July 26, 2019

Eighty students and researchers from developing nations awarded UCalgary travel grants to attend biomechanics conference

Funding makes significant difference for recipients and their countries
Travel students

Mauricio Delgado and Karine Stoelben

This will be Mauricio Delgado’s first trip to Canada. The assistant professor will trek more than 10,000 kilometres to attend an international biomechanics conference in Calgary with three of his undergraduate students thanks to a travel grant.

“This trip will be a fantastic experience for my students and for me: to see old friends, and make new friends too,” says Delgado, referring to the Kinesiology-led XXVII Congress of the International Society of Biomechanics and the 43rd Annual Meeting of the American Society of Biomechanics, taking place in Calgary in late July and early August and is expected to have more than 2,000 people in attendance.

  • Photo above: Mauricio Delgado, left, is a scientist and a physiotherapist who works at the Pontificia Catholic University of Chile’s Faculty of Medicine. He is bringing three of his undergraduate students to the international biomechanics conference. Karine Stoelben, PhD candidate at the Federal University of Pampa in Brazil, says the conference travel grant helps improve her research and opens up opportunities for training and employment. Photos courtesy Mauricio Delgado and Karine Stoelben

“This congress is important, because it lets me show the research community my work,” says Delgado, a scientist and a physiotherapist who works at the Pontificia Catholic University of Chile’s Faculty of Medicine.

Delgado, 36, is among more than 80 international participants who will be attending the biomechanics conference in Calgary because of a travel grant funded by key sponsors and various University of Calgary faculties. This grant allowed students and academics from developing nations to attend this year’s event with reduced registration fees rates and/or accommodation support.

“I am tremendously grateful that the university is supporting this cause which will help many students and, most importantly, it sets a precedent for future conferences to do a similar thing,” says conference chair Dr. Walter Herzog, PhD.

Travel grant supports those in economically developing countries

The majority of the international participants from economically developing countries “would not be attending the conference if not for this support,” says congress event director, Sandro Nigg.

Despite the financial barriers for students and researchers from economically developing countries, they have made substantial contributions not only to the science of biomechanics but also to the profession, by serving on international committees, hosting conferences and participating in exchange programs, thereby becoming an important and integral part of the biomechanics community.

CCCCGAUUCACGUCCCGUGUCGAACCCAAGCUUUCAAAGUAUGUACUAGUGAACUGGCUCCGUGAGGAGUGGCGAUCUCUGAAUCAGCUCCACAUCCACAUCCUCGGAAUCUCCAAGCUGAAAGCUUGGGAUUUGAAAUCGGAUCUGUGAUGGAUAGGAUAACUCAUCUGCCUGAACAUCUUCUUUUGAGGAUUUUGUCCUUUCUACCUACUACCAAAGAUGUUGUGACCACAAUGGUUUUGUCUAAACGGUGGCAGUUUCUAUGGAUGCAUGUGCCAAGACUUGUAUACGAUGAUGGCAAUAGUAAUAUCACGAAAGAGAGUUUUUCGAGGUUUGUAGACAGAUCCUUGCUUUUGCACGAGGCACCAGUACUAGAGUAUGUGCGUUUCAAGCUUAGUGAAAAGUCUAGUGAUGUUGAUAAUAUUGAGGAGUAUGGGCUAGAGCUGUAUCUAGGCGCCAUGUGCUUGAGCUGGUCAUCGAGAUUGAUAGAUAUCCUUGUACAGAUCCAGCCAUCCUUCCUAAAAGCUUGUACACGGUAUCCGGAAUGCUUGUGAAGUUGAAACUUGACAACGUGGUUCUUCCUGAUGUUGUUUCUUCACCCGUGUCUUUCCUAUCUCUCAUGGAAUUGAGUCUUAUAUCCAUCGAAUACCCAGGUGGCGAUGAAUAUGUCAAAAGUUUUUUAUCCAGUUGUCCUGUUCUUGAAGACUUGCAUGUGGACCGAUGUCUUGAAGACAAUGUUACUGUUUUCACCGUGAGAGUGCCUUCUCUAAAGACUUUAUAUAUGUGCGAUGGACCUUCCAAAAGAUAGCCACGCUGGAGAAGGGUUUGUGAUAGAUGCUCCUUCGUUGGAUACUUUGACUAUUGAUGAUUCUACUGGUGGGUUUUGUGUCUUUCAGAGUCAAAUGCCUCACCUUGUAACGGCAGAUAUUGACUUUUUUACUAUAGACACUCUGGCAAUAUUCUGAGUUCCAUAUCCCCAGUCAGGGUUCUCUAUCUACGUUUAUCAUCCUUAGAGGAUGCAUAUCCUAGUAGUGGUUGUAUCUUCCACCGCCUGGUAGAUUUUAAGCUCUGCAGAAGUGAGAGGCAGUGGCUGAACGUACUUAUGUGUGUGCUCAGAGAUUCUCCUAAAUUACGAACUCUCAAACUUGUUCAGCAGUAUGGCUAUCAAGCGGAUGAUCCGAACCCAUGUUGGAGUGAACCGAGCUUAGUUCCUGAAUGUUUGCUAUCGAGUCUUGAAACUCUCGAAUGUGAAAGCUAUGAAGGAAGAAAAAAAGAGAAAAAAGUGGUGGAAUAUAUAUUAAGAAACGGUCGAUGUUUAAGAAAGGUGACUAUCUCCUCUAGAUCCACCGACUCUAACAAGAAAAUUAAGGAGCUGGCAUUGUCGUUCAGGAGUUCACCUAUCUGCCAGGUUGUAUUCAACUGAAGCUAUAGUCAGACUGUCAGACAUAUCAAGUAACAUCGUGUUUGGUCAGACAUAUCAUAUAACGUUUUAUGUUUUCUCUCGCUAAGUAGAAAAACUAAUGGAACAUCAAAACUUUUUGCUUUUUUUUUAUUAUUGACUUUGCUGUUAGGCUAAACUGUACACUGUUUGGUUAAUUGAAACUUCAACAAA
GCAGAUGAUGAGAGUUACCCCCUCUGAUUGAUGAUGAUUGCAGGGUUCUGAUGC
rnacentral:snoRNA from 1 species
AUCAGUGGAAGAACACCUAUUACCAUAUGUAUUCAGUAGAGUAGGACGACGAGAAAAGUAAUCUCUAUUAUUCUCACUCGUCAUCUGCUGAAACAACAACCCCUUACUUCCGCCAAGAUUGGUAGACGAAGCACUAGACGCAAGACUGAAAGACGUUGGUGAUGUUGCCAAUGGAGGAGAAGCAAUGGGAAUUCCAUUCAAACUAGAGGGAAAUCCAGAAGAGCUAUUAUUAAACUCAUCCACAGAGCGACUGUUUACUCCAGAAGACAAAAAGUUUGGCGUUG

“I think that the opportunity for students from economically developing countries to meet international researchers is a great way to increase the quality of research in EDC countries, and to collaborate and visit other laboratories around the world,” says Karine Stoelben, 27, who will also be attending the conference. Stoelben, a PhD candidate in physiology in the Applied Neuromechanics Research Group, Federal University of Pampa in Brazil, researches knee injury prevention.

While in Calgary, Stoelben and Delgado are eager to visit the Faculty of Kinesiology’s renowned Human Performance Lab, which has led research in running injury biomechanics over the past few decades, and more recently in sports injury prevention. Established in 1981, the Human Performance Lab was set up to do interdisciplinary research, a concept that was then copied by others around the world.

Researching future opportunities

“The conference grant is an excellent incentive to improve my research. The conference opens up opportunities for training and employment — this will impact my career in a good way,” says Stoelben.

Delgado will explore the possibility of doing a PhD at the University of Calgary under the supervision of UCalgary kinesiology professor Dr. Herzog, who helped Delgado and others create the Human Science Movement Association of Chile, and was the lead keynote speaker at the association’s first congress in 2016. “Research in clinical biomechanics in physical therapy and rehabilitation are really new in Chile — we need more PhD programs and more people, because it is the people who create the labs,” says Delgado.